Freshman Virginia GOP congressman Denver Riggleman has a conservative voting record and the strong backing of President Donald Trump but is still in danger of losing his seat this weekend in a Republican nominating contest.
The reason: he officiated a gay marriage, sparking a fierce backlash among some of his socially conservative constituents who questioned Riggleman's adherence to the party’s values.
Virginia's mostly rural 5th Congressional District will play host to the latest culture clash within the Republican Party on Saturday, when delegates pick a candidate via a drive-thru convention amid the coronoavirus pandemic.
Riggleman, a member of the conservative House Freedom Caucus, upset many Republicans in his district last summer when he married two male campaign aides. Local GOP groups quickly criticized Riggleman and have rallied behind a well-organized opponent for the Republican nomination.
Riggleman said he understands why some people may not support gay marriage, but said the Republican tent is big enough to accommodate opposing views on the issue.
“I believe that individual liberty is one of the most important things Republicans can stand for, so I don’t regret officiating that wedding at all,” Riggleman said.
The backlash against Riggleman comes amid the Trump administration’s efforts to slow or reverse gains made by LGBTQ Americans. For example, it has restricted military service by transgender people and argued in a Supreme Court case that the federal civil rights law does not protect LGBTQ people from discrimination at work.
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But Riggleman has lined up support from key Republicans. Trump has endorsed him, tweeting that Riggleman is “is a true CONSERVATIVE leader." Liberty University President Jerry Falwell, a high-profile evangelical leader whose school is adjacent to Riggleman's district, is also backing Riggleman.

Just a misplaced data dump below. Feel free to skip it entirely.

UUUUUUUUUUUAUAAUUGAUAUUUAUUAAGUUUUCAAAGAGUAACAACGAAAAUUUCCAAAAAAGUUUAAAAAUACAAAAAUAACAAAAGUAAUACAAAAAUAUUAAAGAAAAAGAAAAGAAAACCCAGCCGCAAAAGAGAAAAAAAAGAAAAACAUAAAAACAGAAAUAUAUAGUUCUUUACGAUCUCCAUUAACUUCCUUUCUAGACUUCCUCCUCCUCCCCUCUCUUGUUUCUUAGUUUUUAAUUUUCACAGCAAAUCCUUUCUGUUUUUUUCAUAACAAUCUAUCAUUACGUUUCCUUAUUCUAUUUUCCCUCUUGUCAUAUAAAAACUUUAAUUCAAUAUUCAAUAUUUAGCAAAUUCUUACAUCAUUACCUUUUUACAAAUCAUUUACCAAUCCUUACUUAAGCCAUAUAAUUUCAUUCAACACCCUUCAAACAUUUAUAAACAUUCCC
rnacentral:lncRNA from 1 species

Running against him is Bob Good, a former top official at Liberty's athletic department, who has pledged to restore “Judeo-Christian” values to Congress. He’s also a hardliner on immigration and wants English to be the official language of the United States.
“What does Denver stand for?” Good said at a recent debate. “He’s out of step with the base of the party on life, he’s out of step on marriage, he’s out of step on immigration, he’s out of step on health care, on climate, on drug legalization.”
Good declined an interview request.
Riggleman, a distillery owner and Air Force veteran, ran unsuccessfully for governor in 2017 on a populist platform before winning a seat in Congress in 2018. Riggleman easily won that race, which made headlines when his Democratic opponent accused him of being a “devotee of Bigfoot erotica.”
Saturday's drive-thru convention will be held at a Lynchburg-area church near Good's home. It will be the only place delegates can cast a ballot in a district that stretches from northern Virginia to the North Carolina border and is larger in land mass than New Jersey.
Riggleman said a small coterie of Republican insiders are trying to rig the contest against him forcing the nomination process to be decided with a convention instead of a primary. Conventions favor more conservative candidates and have been used for years by Virginia Republicans to block moderate Republicans from winning office. Riggleman has tried unsuccessfully to block the convention or move its location.
Republican infighting over whether candidates are sufficiently conservative has been common in Virginia while the party has seen its influence diminish. Democrats have won majorities at the state legislature and in the congressional delegation in recent years and no Republican has won a statewide race is more than a decade.
The 5th Congressional District has been in Republican hands for a decade, but four Democrats are vying for their party’s nomination to challenge either Riggleman or Good.
Kyle Kondik, who analyzes elections for the University of Virginia Center for Politics, said the district is likely to stay in Republican hands no matter who wins Saturday. But he said a victory by Good may make the race more competitive and entice national Democratic and liberal groups to spend money on the contest.
“It would pique their interest a little bit more.” Kondik said.